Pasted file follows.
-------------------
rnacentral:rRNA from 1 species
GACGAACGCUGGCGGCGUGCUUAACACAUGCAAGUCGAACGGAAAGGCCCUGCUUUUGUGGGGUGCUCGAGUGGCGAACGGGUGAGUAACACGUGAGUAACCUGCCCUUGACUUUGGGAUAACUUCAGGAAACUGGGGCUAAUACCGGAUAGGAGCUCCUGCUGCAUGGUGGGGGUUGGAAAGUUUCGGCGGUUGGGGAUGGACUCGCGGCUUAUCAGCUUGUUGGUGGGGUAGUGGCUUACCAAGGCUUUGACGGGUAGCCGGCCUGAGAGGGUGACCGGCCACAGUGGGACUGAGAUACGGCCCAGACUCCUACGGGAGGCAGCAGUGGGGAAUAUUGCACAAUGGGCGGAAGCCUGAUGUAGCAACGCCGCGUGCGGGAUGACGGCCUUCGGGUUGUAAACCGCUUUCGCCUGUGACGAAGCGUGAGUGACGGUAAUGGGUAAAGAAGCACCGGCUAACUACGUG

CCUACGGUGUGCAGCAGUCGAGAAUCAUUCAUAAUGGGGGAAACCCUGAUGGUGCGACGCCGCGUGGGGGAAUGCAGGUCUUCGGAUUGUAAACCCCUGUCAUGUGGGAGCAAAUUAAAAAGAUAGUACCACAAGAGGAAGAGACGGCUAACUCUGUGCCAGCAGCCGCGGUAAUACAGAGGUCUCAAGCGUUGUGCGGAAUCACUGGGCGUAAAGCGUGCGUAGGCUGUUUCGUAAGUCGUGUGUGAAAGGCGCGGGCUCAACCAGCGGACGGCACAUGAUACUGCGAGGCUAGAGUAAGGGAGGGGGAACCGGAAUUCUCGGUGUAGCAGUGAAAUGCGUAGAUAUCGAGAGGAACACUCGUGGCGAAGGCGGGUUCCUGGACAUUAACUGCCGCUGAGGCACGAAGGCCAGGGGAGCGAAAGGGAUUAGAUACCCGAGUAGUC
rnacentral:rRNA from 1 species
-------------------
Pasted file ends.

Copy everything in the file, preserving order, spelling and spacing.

rnacentral:rRNA from 1 species
GACGAACGCUGGCGGCGUGCUUAACACAUGCAAGUCGAACGGAAAGGCCCUGCUUUUGUGGGGUGCUCGAGUGGCGAACGGGUGAGUAACACGUGAGUAACCUGCCCUUGACUUUGGGAUAACUUCAGGAAACUGGGGCUAAUACCGGAUAGGAGCUCCUGCUGCAUGGUGGGGGUUGGAAAGUUUCGGCGGUUGGGGAUGGACUCGCGGCUUAUCAGCUUGUUGGUGGGGUAGUGGCUUACCAAGGCUUUGACGGGUAGCCGGCCUGAGAGGGUGACCGGCCACAGUGGGACUGAGAUACGGCCCAGACUCCUACGGGAGGCAGCAGUGGGGAAUAUUGCACAAUGGGCGGAAGCCUGAUGUAGCAACGCCGCGUGCGGGAUGACGGCCUUCGGGUUGUAAACCGCUUUCGCCUGUGACGAAGCGUGAGUGACGGUAAUGGGUAAAGAAGCACCGGCUAACUACGUG

CCUACGGUGUGCAGCAGUCGAGAAUCAUUCAUAAUGGGGGAAACCCUGAUGGUGCGACGCCGCGUGGGGGAAUGCAGGUCUUCGGAUUGUAAACCCCUGUCAUGUGGGAGCAAAUUAAAAAGAUAGUACCACAAGAGGAAGAGACGGCUAACUCUGUGCCAGCAGCCGCGGUAAUACAGAGGUCUCAAGCGUUGUGCGGAAUCACUGGGCGUAAAGCGUGCGUAGGCUGUUUCGUAAGUCGUGUGUGAAAGGCGCGGGCUCAACCAGCGGACGGCACAUGAUACUGCGAGGCUAGAGUAAGGGAGGGGGAACCGGAAUUCUCGGUGUAGCAGUGAAAUGCGUAGAUAUCGAGAGGAACACUCGUGGCGAAGGCGGGUUCCUGGACAUUAACUGCCGCUGAGGCACGAAGGCCAGGGGAGCGAAAGGGAUUAGAUACCCGAGUAGUC
rnacentral:rRNA from 1 species